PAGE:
Spoilers in this paragraph. The meditations of the second week (the illumination of Christ and his call to participate in the Kingdom with meditations on the life of Christ) continued with contemplation on the ministry of Jesus, from his baptism through Palm Sunday.
The choice to participate in the Kingdom of God is the end goal of week 2. Jesus Christ is both the example of and caller to Kingdom work, while Satan attempts to entice us away from this calling. In perfect humility, my first aim should be to serve God, and all other choices I make, whether they benefit me personally or not, should be toward that end. In those choices I have made which are lifelong, such as marriage, I should endeavor within that state to order all things toward “the greater praise and glory of God our Lord.”1
I believe God is sovereign, omniscient, and omnipotent enough to give us real choices in life and still be sovereign, omniscient, and omnipotent. Life contains paths that God sometimes says, “No” to. I find those the easiest to discern. In other opportunities, God definitely prompts us to act. Those are the times which we must learn to not be resistant. Lastly, there are the times when life simply offers a choice. Whether I eat turkey or ham for lunch or choose this job or that one will have personal ramifications for me and those I come in contact with, but God can use either decision to fulfill his purpose. Some courses of action may be better than others, but several options may all be godly, wise, and of faith. When two people are dancing, at a basic level they simply must move together, not bump into anyone else, and stay on the dance floor. Sometimes God says, “Here’s the floor. Enjoy dancing,” while other times we need to realize that he is calling the steps.
Week 2 contains enough contemplation for two full weeks, plus a list of optional meditations which could extended week 2 for as much as four weeks. (I will be moving on to week 3.) The amount of time Ignatius devotes to this week leads me to believe that this week contains the most important and/or the most difficult concept to internalize.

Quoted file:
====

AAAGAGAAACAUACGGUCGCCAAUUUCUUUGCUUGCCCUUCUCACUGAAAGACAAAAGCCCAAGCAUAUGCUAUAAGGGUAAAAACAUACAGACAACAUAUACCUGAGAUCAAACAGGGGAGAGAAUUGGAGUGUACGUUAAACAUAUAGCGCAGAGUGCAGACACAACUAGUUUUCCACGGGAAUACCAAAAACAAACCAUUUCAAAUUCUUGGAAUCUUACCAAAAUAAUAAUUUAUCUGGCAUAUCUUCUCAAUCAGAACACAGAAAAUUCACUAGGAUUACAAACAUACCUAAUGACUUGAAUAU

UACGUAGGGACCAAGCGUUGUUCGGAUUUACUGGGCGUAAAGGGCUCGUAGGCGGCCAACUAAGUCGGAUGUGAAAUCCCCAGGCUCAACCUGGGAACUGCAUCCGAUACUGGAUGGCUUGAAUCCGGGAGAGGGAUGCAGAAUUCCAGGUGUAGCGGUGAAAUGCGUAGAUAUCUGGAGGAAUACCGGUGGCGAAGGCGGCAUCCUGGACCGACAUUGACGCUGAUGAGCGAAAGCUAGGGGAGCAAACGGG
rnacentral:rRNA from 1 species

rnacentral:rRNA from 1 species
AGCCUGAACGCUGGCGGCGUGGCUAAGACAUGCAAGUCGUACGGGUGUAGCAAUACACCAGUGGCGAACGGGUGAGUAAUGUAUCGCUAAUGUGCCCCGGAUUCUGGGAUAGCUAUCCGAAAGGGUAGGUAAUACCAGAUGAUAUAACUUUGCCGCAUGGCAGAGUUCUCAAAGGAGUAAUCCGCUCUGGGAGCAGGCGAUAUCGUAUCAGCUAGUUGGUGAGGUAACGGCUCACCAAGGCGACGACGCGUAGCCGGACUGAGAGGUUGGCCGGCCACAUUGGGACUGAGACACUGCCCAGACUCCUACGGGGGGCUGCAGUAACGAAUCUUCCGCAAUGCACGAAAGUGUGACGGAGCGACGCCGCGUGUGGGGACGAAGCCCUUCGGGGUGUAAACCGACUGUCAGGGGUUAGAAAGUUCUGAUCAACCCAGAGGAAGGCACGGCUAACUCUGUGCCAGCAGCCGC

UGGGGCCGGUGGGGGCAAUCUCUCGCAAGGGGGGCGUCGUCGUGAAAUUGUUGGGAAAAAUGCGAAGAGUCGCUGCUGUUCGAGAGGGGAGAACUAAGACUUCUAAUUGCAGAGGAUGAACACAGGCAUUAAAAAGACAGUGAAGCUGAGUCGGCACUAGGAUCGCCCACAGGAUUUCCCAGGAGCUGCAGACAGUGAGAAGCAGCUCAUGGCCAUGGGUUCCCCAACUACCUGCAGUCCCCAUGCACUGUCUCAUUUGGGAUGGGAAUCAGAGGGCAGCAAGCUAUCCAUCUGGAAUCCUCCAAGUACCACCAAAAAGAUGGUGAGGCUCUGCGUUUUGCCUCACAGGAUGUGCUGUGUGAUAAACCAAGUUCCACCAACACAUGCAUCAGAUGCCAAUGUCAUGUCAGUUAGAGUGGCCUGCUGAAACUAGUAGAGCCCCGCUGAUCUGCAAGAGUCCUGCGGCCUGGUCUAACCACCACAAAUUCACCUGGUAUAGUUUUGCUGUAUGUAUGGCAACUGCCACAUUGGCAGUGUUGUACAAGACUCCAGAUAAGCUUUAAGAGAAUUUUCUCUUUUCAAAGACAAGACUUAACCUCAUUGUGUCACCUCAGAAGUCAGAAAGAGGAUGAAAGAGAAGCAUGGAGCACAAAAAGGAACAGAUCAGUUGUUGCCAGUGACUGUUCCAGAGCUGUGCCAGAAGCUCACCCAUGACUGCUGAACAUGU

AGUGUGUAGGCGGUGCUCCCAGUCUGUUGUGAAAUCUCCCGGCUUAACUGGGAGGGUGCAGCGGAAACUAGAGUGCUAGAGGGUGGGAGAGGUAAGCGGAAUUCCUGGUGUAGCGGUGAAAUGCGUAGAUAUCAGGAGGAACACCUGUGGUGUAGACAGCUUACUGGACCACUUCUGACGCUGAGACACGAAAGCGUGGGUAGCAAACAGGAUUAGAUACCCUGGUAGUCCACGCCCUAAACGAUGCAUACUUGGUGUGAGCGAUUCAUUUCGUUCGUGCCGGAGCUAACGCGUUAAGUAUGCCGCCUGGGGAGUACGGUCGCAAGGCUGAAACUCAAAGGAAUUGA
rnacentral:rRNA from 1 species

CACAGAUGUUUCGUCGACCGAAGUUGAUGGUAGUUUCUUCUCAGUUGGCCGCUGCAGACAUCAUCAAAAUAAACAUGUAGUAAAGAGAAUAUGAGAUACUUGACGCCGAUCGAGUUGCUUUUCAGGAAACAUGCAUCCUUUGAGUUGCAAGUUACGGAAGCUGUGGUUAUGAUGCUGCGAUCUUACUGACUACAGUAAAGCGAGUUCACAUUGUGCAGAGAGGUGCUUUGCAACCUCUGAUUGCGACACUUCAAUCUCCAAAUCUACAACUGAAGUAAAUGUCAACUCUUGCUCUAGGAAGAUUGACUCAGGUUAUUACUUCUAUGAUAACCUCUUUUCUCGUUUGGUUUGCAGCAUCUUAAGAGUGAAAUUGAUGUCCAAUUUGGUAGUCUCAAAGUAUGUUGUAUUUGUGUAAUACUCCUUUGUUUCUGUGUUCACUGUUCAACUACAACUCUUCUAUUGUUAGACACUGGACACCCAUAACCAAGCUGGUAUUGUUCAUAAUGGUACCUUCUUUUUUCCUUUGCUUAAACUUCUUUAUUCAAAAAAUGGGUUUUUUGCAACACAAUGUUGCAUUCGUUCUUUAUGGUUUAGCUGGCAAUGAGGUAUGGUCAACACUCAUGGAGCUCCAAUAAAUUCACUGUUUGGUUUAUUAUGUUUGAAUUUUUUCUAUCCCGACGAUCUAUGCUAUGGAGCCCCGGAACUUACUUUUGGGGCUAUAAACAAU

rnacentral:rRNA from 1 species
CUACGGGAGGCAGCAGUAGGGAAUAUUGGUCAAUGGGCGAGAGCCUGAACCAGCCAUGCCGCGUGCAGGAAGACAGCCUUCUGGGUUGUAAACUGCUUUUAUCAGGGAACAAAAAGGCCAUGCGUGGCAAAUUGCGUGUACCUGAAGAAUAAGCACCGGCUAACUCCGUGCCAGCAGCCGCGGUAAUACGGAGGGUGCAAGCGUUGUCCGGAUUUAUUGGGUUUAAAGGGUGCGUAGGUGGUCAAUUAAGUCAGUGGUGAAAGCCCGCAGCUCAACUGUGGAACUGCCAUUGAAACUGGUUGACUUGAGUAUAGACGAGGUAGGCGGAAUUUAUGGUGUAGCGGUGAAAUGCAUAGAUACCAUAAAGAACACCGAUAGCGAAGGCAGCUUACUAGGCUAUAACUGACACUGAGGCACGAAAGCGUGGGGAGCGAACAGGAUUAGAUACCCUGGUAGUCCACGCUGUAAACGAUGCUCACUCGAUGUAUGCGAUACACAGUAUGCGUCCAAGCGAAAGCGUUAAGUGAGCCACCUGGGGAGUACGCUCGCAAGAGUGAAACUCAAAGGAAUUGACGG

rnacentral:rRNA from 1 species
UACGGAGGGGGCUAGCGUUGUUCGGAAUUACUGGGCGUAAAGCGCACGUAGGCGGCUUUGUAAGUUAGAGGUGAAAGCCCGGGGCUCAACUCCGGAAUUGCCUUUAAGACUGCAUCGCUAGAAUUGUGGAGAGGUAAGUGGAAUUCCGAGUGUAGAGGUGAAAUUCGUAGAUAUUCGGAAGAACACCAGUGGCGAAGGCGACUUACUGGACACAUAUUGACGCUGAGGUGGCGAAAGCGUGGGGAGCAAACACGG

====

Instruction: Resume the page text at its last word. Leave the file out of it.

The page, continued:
An important feature to look at regarding spiritual formation is that the second week shows the process at its most adaptable. Churches with discipleship programs or catechisms normally move a Christian through a series of books, lessons, or curriculum, and upon completion the person is assumed to have attained a new level of knowledge and maturity. The flexibility of week 2 made me ask this question. What if I took someone through Growing in Christ (or a book in the D Series) and after 13 weeks of study they still didn’t “get it” (had not internalized it)? Have we Christians become reluctant to “hold someone back a grade?” I am not saying that we necessarily have errored in this area, just posing the question, but I have never been asked to repeat a Bible study or course unless it was to teach the material to someone else. Can you imagine a seminary class where the professor said, “You completed all the work satisfactorily, but you still do not have the heart. Repeat the course.”
Remedial teaching aside, a church should consider adaptability in its congregational spiritual formation. A church may choose to use one program for congregational spiritual formation, but every church should have people at various stages of maturity. In addition, a local church may be multi-ethnic, multi-generational, and/or multi-socioeconomic. One model may not function with all the members if it includes only one curriculum and one teaching method. This is not due to any learning deficiencies in any group, but to adapt to different learning styles and cultures. Also, while different people may need different types and levels of spiritual formation, our goal should be unity as well as maturity, and the body needs all of its diverse members together to grow in this way.
1. Ganss, George E., S.J. (1992). The Spiritual Exercises of Saint Ignatius: a Translation and Commentary. Chicago: Loyola University Press.
This is a continuing series as I go through The Spiritual Exercises of Saint Ignatius.
©2012 Paul Tillman